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So That Explains Why Your Girlfriend's Dad Hates You

You think he hates you for no reason? Wrong!
by Mary Rose A. Hogaza | Sep 22, 2016
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Your dream dinner with your girlfriend's family has finally happened. Your gameplan is to win their hearts over with a finetuned display of charm, machismo, and humor. By your estimation, everything's seems to be going according to plan.

Her little sister adores you, her kuya shares the same interests with you, and her mom thinks you're the perfect guy for her daughter. But here's the catch: You can tell by the way his dad behaves that he doesn't like you at all.

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No matter how hard you try to prove to him your worthiness of his unica hija, he still remains unimpressed by you. What have you done wrong?

Before you get angry, let us remind you of this: It's natural for fathers to become very protective of their children, especially their daughter.

"[All fathers] have the same basic protective instinct," says Dr. Cely Magpantay, a psychologist at St. Luke's Medical Center in Quezon City. "They want the best possible partner for their daughter so if you haven't met the standards [they're looking for in an ideal son-in-law] it will be a challenge to get their approval of you."

Another possible reason, Dr. Magpantay says, is that he may be seeing you as a threat, taking "ownership" of someone he has cared for all his life. "Having someone around is threatening to them," Magpantay explains. "They don't readily the accept the possibility of their daughter leaving them [for you] and live out her life on her own."

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Lando, 56, father of three girls, echoes the psychologist's assessment, saying he wants to see her daughter walk down the aisle with a man who can give her a good life.

"Me and my bunso really have a good father-daughter relationship, he relates. "She is in the I.T. industry and spends her spare time volunteering to help the needy. When she brought home this scruffy looking guy who was unemployed, I didn't like him at all."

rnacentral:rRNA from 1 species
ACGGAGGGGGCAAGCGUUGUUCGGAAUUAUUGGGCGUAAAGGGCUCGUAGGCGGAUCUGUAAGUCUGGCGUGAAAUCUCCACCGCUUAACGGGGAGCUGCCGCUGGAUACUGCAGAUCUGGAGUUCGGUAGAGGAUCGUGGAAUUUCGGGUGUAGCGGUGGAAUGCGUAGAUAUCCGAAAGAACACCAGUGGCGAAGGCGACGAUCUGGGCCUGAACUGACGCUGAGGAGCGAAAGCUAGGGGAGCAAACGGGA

He continues: "Just last year, she discovered that she was pregnant. My heart sunk, not because I didn't want a grandchild, but because I don't think his boyfriend could give them what they need. That same day, her boyfriend asked if we could talk and I agreed. He said he knew he didn't deserve my daughter but he loves her with all of his heart. I felt his sincerity, and from that they, we got along really well."


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Meanwhile, Dante, 49, shares that it's difficult for him to trust his daughter's boyfriend because he has been "young and stupid once", too.

"Like what they say, 'Been there, done that.' I know exactly how to act nicely around the girl I only want to sleep with. I admit, I'm afraid that karma might play around with my daughter's heart so I'll do whatever it takes to protect her," he says.

To get on his good side, Dr. Magpantay recommends winning his affection and respect one step at a time. Learn what activities interest him and spend some time experiencing them with him so you two can get to know each and bond.

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"Activities and talking can bridge the gap between the two of you" says Dr. Magpantay. The idea of spending time with him, we know, can be pretty terrifying, but you've got to man up if you really want to work things out with her daughter, because, like it or not, he will be a part of the relationship.

Next, work hard to win his trust. "Parents want only the best for their daughter so your your job as boyfriend is to work hard to earn their respect," says Dr. Magpantay. "Do your best to show them your intention so that they can process it and know you better."

Dr. Magpantay adds: "If you show them you're true to your word and respect the rules they've set i.e. following curfews, etc., you'll gain an advantage."

If all else fails, your only hope is to sit down and have a man-to-man talk with the guy. "Sometimes bringing beer over and drinking with him can also help to ease tension," Dr. Magpantay notes. 

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Dr. Cely D. Magpantay, PhD, RP, RPm is a licensed clinical psychologist and psychometrician. She caters to different psychological services like neuropsychological, personality, forensic, and behavioral assessments, and psychotherapy and counseling for children, adults, and families. For more on this and other relationships concern, visit her at St. Luke's Medical Center in 279 E Rodriguez Sr Ave, Quezon City. You can set an appointment by calling 732-03-01 or (+63) 908-353-4862.

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